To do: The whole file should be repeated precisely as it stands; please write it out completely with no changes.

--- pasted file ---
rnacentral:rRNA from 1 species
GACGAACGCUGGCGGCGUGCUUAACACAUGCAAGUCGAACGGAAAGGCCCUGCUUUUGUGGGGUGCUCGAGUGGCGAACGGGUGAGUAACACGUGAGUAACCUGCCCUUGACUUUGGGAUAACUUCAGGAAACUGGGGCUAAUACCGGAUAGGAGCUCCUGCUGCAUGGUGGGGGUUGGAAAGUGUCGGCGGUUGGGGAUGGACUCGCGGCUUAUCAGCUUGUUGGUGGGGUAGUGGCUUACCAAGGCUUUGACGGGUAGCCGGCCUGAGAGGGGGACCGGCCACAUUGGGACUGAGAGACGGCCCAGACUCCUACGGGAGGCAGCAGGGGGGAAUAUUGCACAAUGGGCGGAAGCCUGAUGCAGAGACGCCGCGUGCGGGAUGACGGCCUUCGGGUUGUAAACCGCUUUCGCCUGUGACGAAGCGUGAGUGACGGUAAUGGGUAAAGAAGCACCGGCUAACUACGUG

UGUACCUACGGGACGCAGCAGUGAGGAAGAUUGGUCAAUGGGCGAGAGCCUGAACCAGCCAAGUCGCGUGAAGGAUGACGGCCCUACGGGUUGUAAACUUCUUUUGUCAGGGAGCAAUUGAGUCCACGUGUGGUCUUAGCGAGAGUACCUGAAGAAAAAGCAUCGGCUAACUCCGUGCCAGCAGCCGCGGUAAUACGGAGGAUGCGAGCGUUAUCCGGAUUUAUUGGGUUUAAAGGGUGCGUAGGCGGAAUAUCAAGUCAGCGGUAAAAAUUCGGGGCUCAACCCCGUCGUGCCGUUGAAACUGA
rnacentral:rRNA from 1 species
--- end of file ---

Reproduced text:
rnacentral:rRNA from 1 species
GACGAACGCUGGCGGCGUGCUUAACACAUGCAAGUCGAACGGAAAGGCCCUGCUUUUGUGGGGUGCUCGAGUGGCGAACGGGUGAGUAACACGUGAGUAACCUGCCCUUGACUUUGGGAUAACUUCAGGAAACUGGGGCUAAUACCGGAUAGGAGCUCCUGCUGCAUGGUGGGGGUUGGAAAGUGUCGGCGGUUGGGGAUGGACUCGCGGCUUAUCAGCUUGUUGGUGGGGUAGUGGCUUACCAAGGCUUUGACGGGUAGCCGGCCUGAGAGGGGGACCGGCCACAUUGGGACUGAGAGACGGCCCAGACUCCUACGGGAGGCAGCAGGGGGGAAUAUUGCACAAUGGGCGGAAGCCUGAUGCAGAGACGCCGCGUGCGGGAUGACGGCCUUCGGGUUGUAAACCGCUUUCGCCUGUGACGAAGCGUGAGUGACGGUAAUGGGUAAAGAAGCACCGGCUAACUACGUG

UGUACCUACGGGACGCAGCAGUGAGGAAGAUUGGUCAAUGGGCGAGAGCCUGAACCAGCCAAGUCGCGUGAAGGAUGACGGCCCUACGGGUUGUAAACUUCUUUUGUCAGGGAGCAAUUGAGUCCACGUGUGGUCUUAGCGAGAGUACCUGAAGAAAAAGCAUCGGCUAACUCCGUGCCAGCAGCCGCGGUAAUACGGAGGAUGCGAGCGUUAUCCGGAUUUAUUGGGUUUAAAGGGUGCGUAGGCGGAAUAUCAAGUCAGCGGUAAAAAUUCGGGGCUCAACCCCGUCGUGCCGUUGAAACUGA
rnacentral:rRNA from 1 species